Cappy for Kolb: I like it

Sorry I’’ve been distant on the blog lately. The recent surge of attention to the blog has kept me busy doing other stuff (I’m not complaining), and now I’’m in the midst of exams and a faculty search. I’’ve spent my nights answering e-mail and reading applications.

Anyway, some exciting news happened this weekend for Braves fans. The Braves sent young fireballer Jose Cappellan to the Brewers for Danny Kolb. I’’d say the mood of Bravesnation is mixed. But, as the excitement of the deal wore off, I would say the mood has soured. I like this deal, and here is why. Of course, the main reason I say this is that I enjoy being a contrarian, and I like the deal.

The main consequence (or is it the cause) of this deal is that Smoltz is heading back to the rotation. I am all for this. Smoltz is too good to be throwing only 80 innings a year. I always found it frustrating to see a well-rested Smoltz sitting on the bench after a starter had let things get out of control early. Will his arm hold up as starter? I don’’t know. I’m not sure it would hold up as closer either. I think that there is some evidence that Smoltz does throw differently as a reliever than as a starter. During his pre-injury strong years as a starter (1995-1999), his K/BB was 3.87. Post-injury, as a reliever (2002-2004), his K/BB has been 6.4. Either Smoltz throws differently as a reliever or he has gotten a lot better. I suspect he will pace himself differently as a starter. If he can keep his K/BB above 6 as a starter, he will win the Cy Young in a runaway. If it’s near 4, I’ll be plenty happy. But whatever happens, I am glad that Schuerholz is willing to take the chance.

The main reason I like this deal is the economics of it all. Schuerholz really understands the market for baseball players. As the free agent market went haywire he realized he’’d be better off not looking to sign a top starter. Russ Ortiz, who specializes in dispensing walks and home runs, got $8 mil/year for four years! Schuerholz just locked up a superior pitcher for $3 mil/year. How does this work? Smoltz gets $12 million next year no matter what, right? Well, that money is gone, so forget about it. As Jack Handey once said, “If you ever drop your keys into a river of molten lava, let’em go, because, man, they’re gone.” (If I wanted to be an uber-econ-dork I’’d say it’’s a sunk cost.) Like keys in lava, Smoltz’’s current out-of-whack contract is irrelevant to Schuerholz. The Braves need a new ace starter, and it’’s the GM’’s job to find one as cheap as possible. So, for only $3 million (maybe less, depending on the restructuring of the deal) the Braves add Smoltz to the starting rotation. Chip in another $2-3 million for whatever Kolb gets in arbitration, and JS has just landed a top-of-the-rotation starter for $5-6 million. It’’s true that Kolb may be a step down from Smoltz, but he’’s not bad. And I’’m not convinced Kolb will be the closer. I think JS is taking a pretty good gamble that Reitsma, Cruz, Colon, or Kolb will be capable of being a top closer.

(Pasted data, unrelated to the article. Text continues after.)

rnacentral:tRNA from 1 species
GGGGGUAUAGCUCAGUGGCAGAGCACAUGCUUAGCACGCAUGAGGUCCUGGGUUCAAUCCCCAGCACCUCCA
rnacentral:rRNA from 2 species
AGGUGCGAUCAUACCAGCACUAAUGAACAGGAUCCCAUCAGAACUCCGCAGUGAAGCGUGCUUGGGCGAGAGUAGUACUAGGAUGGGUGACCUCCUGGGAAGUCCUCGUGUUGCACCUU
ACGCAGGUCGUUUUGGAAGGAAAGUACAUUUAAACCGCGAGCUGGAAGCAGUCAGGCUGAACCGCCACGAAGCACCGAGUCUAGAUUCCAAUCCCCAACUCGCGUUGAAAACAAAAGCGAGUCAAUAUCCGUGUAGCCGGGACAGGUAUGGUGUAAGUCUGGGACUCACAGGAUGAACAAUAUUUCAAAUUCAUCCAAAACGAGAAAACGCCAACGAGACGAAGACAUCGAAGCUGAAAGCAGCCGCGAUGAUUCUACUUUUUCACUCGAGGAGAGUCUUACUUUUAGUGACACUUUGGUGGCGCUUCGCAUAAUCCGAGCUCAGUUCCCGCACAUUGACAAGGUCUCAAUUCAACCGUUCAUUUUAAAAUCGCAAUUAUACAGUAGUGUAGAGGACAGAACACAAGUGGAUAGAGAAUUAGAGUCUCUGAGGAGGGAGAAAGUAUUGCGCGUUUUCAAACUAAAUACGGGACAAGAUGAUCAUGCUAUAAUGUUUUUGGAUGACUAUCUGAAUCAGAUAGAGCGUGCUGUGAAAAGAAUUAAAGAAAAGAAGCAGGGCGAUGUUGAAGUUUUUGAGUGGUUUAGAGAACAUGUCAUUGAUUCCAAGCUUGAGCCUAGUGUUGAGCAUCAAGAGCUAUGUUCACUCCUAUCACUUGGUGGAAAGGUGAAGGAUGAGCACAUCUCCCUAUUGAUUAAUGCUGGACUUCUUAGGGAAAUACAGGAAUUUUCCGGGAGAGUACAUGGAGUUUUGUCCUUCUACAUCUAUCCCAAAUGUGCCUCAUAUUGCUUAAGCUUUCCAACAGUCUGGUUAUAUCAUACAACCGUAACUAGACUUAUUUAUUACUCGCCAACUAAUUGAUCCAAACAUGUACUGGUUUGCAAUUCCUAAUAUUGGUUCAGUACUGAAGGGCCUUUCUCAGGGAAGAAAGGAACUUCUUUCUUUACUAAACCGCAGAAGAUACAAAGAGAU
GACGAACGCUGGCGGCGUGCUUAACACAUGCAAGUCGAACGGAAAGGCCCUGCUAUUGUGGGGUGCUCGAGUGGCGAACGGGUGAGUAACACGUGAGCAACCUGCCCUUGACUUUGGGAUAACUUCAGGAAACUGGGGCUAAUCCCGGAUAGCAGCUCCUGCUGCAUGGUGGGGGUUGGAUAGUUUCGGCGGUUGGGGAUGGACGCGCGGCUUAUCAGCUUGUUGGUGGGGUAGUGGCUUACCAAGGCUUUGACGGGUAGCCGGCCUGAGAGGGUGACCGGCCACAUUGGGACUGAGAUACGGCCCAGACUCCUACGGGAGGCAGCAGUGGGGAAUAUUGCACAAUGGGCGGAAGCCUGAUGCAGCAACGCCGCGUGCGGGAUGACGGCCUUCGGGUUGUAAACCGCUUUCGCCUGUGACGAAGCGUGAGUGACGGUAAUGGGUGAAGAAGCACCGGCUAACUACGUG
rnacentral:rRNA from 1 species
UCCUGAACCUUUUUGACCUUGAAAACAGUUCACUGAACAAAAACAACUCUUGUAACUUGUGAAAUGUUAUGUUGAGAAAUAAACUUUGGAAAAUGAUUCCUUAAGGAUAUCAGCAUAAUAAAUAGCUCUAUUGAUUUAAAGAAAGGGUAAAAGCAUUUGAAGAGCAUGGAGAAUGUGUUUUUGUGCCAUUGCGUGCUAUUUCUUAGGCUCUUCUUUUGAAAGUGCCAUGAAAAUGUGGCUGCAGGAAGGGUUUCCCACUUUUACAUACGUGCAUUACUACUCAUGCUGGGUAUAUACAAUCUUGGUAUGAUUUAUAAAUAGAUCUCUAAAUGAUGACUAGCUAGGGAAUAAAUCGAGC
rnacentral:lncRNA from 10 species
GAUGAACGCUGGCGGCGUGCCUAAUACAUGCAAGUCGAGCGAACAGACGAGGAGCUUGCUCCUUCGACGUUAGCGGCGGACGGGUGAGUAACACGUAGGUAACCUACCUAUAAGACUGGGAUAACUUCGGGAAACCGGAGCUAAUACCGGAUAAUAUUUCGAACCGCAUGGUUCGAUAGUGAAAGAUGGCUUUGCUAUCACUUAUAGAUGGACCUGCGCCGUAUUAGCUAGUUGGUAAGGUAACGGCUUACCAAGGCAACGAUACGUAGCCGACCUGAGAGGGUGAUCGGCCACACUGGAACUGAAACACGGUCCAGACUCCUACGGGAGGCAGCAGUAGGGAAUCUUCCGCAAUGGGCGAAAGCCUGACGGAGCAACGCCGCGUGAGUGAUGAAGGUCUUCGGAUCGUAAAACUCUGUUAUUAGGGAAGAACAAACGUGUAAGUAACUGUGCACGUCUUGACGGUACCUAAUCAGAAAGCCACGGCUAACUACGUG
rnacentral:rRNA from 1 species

So what does Kolb bring to the table? Well, let’’s check out his stats at Baseball-Reference. (Hey, check out Mr. Kolb’’s new sponsor!) There are two things I see that I like, and one thing I don’’t like. (This is a good time to remind readers of my near dogmatic devotion to DIPS/FIP. I do not think that pitchers have any predictable effect on balls in play.) First, the bad news: he doesn’’t strike a lot of guys out. His K-rate is about half the 2004 NL average. However, his BB-rate and HR-rate are also half the 2004 NL average. So, do his strengths cancel out his weakness? Let’’s use Tangotiger’’s parsimonious FIP calculation: (13HR + 3BB – 2K)/IP. Well, the most obvious difference is in HR. Cutting the HR-rate in half is huge, but that is not surprising. However, though we often view strikeout pitchers as the ideal, walk prevention also valuable. As long as the K/BB ratio 1.5 or greater the strikeouts cancel out the damage done by walks. With 15 walks and 21 strikeouts last year (a ratio of 1.4), his low walks basically cancel out his low strikeouts. (I will add that it would be nice to have a few more strikeouts to limit risking hits on balls-in-play.) Therefore, Kolb ability to prevent HRs is what lowers his ERA below average.

Now don’’t get me wrong. Kolb is not just as good as John Smoltz. Last season Smoltz’’s K-rate was 3 times Kolb’’s, and he had a lower BB-rate. And though he was not as good at preventing the long ball, his K/BB was enough to make him a better pitcher than Kolb. However, I think it’s clear that Smoltz is too good to close. Putting Smoltz in the game with empty bases, a 2-run lead, with 3 outs to go in the ninth is a waste. That’’s why JS is putting him back up front. As long as Kolb is used correctly he will be fine. He is not the person to put in the game with runner on in the ninth with a one-run game. This is why I think Kolb may be doing some middle relief.

But what about what the Braves gave up? Braves fans watched Cappy rise through the minors all year until he finally landed with the big club. In our minds this guy was already in the Hall, so it’’s difficult to watch him go. But the truth is that we have very little idea of how good this guy is going to be. He may be a star, he may be a dud. And while he seems closer to stardom, the variance of success of these guys is very high. One thing that is clear in my mind is that Danny Kolb is a solid Major League relief pitcher. He might stink it up and be cut by the All-Star break. But I think that the risk is much lower with a guy like Kolb than with Cappy, and the Braves have several other young arms waiting in the wings. And if the Braves do need to add a pitcher mid-season, we know that relievers are cheaper to replace than starters.

Congratulations to John Schuerholz on another good move.

Comments are closed